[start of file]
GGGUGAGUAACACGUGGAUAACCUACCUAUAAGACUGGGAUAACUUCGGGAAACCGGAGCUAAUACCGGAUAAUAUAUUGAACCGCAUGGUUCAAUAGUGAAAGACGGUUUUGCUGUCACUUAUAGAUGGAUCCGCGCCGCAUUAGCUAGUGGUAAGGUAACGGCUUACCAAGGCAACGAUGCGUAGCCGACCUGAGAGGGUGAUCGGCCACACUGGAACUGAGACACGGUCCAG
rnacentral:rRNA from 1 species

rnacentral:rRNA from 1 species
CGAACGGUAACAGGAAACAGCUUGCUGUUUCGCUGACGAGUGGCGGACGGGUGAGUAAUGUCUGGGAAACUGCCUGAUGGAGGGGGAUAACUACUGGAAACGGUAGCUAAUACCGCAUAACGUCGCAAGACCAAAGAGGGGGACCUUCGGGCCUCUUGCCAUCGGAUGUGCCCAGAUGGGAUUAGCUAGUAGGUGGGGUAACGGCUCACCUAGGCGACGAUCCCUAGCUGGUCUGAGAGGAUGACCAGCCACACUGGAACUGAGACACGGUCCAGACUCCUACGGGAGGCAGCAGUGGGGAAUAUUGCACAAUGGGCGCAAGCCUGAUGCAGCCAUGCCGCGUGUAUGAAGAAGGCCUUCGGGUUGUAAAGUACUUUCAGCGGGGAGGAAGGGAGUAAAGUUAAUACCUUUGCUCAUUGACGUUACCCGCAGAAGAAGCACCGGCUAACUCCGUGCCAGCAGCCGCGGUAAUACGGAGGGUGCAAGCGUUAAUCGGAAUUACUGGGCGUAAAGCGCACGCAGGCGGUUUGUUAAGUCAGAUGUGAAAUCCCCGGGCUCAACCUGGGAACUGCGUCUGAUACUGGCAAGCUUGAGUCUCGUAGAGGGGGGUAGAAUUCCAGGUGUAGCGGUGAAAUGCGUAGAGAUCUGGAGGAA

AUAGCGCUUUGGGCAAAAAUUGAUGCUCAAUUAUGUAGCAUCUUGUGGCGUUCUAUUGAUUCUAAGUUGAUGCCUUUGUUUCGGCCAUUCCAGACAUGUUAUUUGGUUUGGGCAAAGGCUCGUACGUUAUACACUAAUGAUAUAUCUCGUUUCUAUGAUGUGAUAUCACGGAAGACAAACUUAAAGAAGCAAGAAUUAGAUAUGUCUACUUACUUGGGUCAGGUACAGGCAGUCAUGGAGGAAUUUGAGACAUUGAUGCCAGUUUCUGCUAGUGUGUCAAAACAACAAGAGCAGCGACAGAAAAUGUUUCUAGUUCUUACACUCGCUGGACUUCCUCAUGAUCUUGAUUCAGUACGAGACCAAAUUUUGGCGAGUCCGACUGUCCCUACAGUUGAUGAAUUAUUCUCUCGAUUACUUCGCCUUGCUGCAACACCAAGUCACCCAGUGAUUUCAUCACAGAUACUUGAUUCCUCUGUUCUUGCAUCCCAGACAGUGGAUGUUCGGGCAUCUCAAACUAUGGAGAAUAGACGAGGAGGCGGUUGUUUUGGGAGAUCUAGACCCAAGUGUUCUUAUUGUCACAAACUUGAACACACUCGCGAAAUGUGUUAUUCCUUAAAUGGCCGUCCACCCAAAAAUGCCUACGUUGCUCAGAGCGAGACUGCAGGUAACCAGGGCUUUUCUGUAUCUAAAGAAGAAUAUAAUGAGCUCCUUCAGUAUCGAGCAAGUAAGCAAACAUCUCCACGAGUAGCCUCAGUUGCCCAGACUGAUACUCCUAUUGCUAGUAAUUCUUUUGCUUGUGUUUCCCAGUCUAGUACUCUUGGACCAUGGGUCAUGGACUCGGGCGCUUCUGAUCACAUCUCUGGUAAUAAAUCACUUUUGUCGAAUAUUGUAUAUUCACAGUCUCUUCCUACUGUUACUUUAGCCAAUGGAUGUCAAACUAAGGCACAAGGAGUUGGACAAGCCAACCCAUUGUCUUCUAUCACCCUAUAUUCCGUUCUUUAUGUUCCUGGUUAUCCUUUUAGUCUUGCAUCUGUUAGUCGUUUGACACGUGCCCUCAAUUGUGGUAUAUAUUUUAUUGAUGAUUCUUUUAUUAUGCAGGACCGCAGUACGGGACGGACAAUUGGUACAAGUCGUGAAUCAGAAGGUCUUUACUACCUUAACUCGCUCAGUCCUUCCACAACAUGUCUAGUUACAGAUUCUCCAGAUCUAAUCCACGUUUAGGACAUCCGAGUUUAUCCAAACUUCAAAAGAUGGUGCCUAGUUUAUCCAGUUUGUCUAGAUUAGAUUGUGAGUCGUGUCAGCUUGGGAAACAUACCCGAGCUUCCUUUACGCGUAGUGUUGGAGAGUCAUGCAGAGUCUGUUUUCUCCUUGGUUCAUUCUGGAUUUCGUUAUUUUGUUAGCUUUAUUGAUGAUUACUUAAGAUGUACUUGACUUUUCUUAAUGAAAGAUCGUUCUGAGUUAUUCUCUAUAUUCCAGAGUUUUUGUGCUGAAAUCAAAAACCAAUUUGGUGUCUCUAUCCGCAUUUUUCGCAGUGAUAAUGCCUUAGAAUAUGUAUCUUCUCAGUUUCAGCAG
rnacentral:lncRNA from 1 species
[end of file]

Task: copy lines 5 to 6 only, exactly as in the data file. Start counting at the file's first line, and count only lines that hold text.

AUAGCGCUUUGGGCAAAAAUUGAUGCUCAAUUAUGUAGCAUCUUGUGGCGUUCUAUUGAUUCUAAGUUGAUGCCUUUGUUUCGGCCAUUCCAGACAUGUUAUUUGGUUUGGGCAAAGGCUCGUACGUUAUACACUAAUGAUAUAUCUCGUUUCUAUGAUGUGAUAUCACGGAAGACAAACUUAAAGAAGCAAGAAUUAGAUAUGUCUACUUACUUGGGUCAGGUACAGGCAGUCAUGGAGGAAUUUGAGACAUUGAUGCCAGUUUCUGCUAGUGUGUCAAAACAACAAGAGCAGCGACAGAAAAUGUUUCUAGUUCUUACACUCGCUGGACUUCCUCAUGAUCUUGAUUCAGUACGAGACCAAAUUUUGGCGAGUCCGACUGUCCCUACAGUUGAUGAAUUAUUCUCUCGAUUACUUCGCCUUGCUGCAACACCAAGUCACCCAGUGAUUUCAUCACAGAUACUUGAUUCCUCUGUUCUUGCAUCCCAGACAGUGGAUGUUCGGGCAUCUCAAACUAUGGAGAAUAGACGAGGAGGCGGUUGUUUUGGGAGAUCUAGACCCAAGUGUUCUUAUUGUCACAAACUUGAACACACUCGCGAAAUGUGUUAUUCCUUAAAUGGCCGUCCACCCAAAAAUGCCUACGUUGCUCAGAGCGAGACUGCAGGUAACCAGGGCUUUUCUGUAUCUAAAGAAGAAUAUAAUGAGCUCCUUCAGUAUCGAGCAAGUAAGCAAACAUCUCCACGAGUAGCCUCAGUUGCCCAGACUGAUACUCCUAUUGCUAGUAAUUCUUUUGCUUGUGUUUCCCAGUCUAGUACUCUUGGACCAUGGGUCAUGGACUCGGGCGCUUCUGAUCACAUCUCUGGUAAUAAAUCACUUUUGUCGAAUAUUGUAUAUUCACAGUCUCUUCCUACUGUUACUUUAGCCAAUGGAUGUCAAACUAAGGCACAAGGAGUUGGACAAGCCAACCCAUUGUCUUCUAUCACCCUAUAUUCCGUUCUUUAUGUUCCUGGUUAUCCUUUUAGUCUUGCAUCUGUUAGUCGUUUGACACGUGCCCUCAAUUGUGGUAUAUAUUUUAUUGAUGAUUCUUUUAUUAUGCAGGACCGCAGUACGGGACGGACAAUUGGUACAAGUCGUGAAUCAGAAGGUCUUUACUACCUUAACUCGCUCAGUCCUUCCACAACAUGUCUAGUUACAGAUUCUCCAGAUCUAAUCCACGUUUAGGACAUCCGAGUUUAUCCAAACUUCAAAAGAUGGUGCCUAGUUUAUCCAGUUUGUCUAGAUUAGAUUGUGAGUCGUGUCAGCUUGGGAAACAUACCCGAGCUUCCUUUACGCGUAGUGUUGGAGAGUCAUGCAGAGUCUGUUUUCUCCUUGGUUCAUUCUGGAUUUCGUUAUUUUGUUAGCUUUAUUGAUGAUUACUUAAGAUGUACUUGACUUUUCUUAAUGAAAGAUCGUUCUGAGUUAUUCUCUAUAUUCCAGAGUUUUUGUGCUGAAAUCAAAAACCAAUUUGGUGUCUCUAUCCGCAUUUUUCGCAGUGAUAAUGCCUUAGAAUAUGUAUCUUCUCAGUUUCAGCAG
rnacentral:lncRNA from 1 species